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Moisture, Humidity Control for Seed Drying and Seed Storage

 

 

A variety of seeds are commonly stored for consumption or processing in future. The primary concern in such storage is to protect the seed from damage by fire, water, insects and rodents. However, seeds must also be preserved for sowing at a later date or for genetic experiments. When stored for such purposes, the seeds must also be protected from loss in germination potential.

Importance of Seed drying and storage

Due to improper drying and storage conditions, seeds suffer from major retarding effects. These are: 

  • Loss of viability
  • Discoloration
  • Toxin production
  • Growth of fungus.

Therefore, seed conservation through efficient processing and storage becomes factor of prime importance. Proper drying limits the subsequent rate of seed deterioration during long term storage.

Three important factors determine the shelf-life of seeds:

  • Storage temperature
  • Relative humidity of surrounding air
  • Moisture content of the seed during storage
Purpose of Seed Storage

After the seeds are dried, the next phase is their safe storage. Safe storage of seeds is important for a variety of reasons. Obviously, seeds must be preserved for use as human and animal food, and for planting. Seed viability must also be protected (germplasm, protection) for various uses by the plant scientist who maintains a permanent reservoir of seed stock by establishing a seed bank.

Seed storage is the maintenance of high seed germination and vigour from harvest until planting. The purpose of seed storage is to maintain the seed in good physical and physiological condition from the time they are harvested until the time they are planted. Seeds have to be stored, of course, because there is usually a period of time between harvest and planting. During this period, the seed have to be kept somewhere. While the time interval between harvest and planting is the basic reason for storing seed.

Seed suppliers are not always able to market all the seed they produce during the following planting season. In many cases, the unsold seed are 'carried over' in storage for marketing during the second planting season after harvest. Problems arise in connection with carryover storage of seed because some kinds varieties and lots of seed do not carryover very well.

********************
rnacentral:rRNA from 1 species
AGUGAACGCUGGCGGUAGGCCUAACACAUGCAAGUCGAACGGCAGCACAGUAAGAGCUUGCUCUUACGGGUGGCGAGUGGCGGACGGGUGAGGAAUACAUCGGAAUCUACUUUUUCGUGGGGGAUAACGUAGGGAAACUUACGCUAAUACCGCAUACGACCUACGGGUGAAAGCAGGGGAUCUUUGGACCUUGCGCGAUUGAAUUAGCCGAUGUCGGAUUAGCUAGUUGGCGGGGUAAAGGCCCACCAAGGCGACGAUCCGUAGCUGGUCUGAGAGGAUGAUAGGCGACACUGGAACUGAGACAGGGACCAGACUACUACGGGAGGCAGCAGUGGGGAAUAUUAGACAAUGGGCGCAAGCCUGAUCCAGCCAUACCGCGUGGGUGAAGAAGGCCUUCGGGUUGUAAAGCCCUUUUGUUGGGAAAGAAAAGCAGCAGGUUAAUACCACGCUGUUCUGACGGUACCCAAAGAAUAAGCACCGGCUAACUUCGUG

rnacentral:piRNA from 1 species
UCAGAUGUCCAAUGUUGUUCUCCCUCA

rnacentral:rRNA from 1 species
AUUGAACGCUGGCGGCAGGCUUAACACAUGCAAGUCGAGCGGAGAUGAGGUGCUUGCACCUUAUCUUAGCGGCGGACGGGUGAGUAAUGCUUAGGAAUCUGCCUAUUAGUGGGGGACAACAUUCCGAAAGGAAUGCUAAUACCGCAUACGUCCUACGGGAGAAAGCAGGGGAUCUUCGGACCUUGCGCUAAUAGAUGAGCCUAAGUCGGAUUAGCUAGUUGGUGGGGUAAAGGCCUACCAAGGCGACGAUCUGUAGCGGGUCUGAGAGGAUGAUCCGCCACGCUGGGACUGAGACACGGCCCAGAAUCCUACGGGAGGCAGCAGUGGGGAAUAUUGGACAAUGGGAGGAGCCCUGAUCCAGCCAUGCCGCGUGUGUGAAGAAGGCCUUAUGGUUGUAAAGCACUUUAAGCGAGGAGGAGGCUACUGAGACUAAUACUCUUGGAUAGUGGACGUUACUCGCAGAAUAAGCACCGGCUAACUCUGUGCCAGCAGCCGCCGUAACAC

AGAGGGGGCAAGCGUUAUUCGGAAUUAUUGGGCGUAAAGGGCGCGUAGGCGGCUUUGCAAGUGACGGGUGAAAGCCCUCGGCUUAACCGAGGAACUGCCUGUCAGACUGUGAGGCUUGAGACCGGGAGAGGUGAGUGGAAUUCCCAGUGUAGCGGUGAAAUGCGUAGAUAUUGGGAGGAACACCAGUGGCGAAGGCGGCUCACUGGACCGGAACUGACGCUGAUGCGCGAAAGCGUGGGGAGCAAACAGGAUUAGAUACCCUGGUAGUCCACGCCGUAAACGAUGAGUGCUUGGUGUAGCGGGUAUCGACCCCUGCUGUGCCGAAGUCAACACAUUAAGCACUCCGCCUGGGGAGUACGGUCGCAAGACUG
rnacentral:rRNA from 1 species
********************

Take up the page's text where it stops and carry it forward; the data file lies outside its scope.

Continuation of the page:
Optimal Seed Storage conditions

Storage conditions depend on seed projected use. Seed Storage has certain requirements which include protection from water, contamination, rodents, fungi etc. Additionally, controlling relative humidity and seed storage temperature is vital. The two are interrelated. Interestingly, for short term storage, their relationship can be expressed by a simple rule of thumb. Storage temperature (in °F) plus relative humidity should total 100.

For achieving the controlled air requirement, refrigeration, offer a direct, simple and economic solution to control both temperature and relative humidity to the specified level.

Seed Drying Conditions

The amount of moisture present in the seeds affects both the quality and storability of the seeds during long term storage. Generally, drying seeds to 4-6% moisture content on wet basis decelerates the rate of seed deterioration exorbitantly. 

Seed Drying using the Dehumidification principle

Seeds cannot be dried by exposing them to heated air as elevated temperatures will destroy their germination potential. The alternative applied is to release the moisture from the product to the surrounding air. The dryer by maintaining the air at a lower moisture level can increase the drying rate. Moreover it removes the variability of weather as a factor in a drying operation.

 

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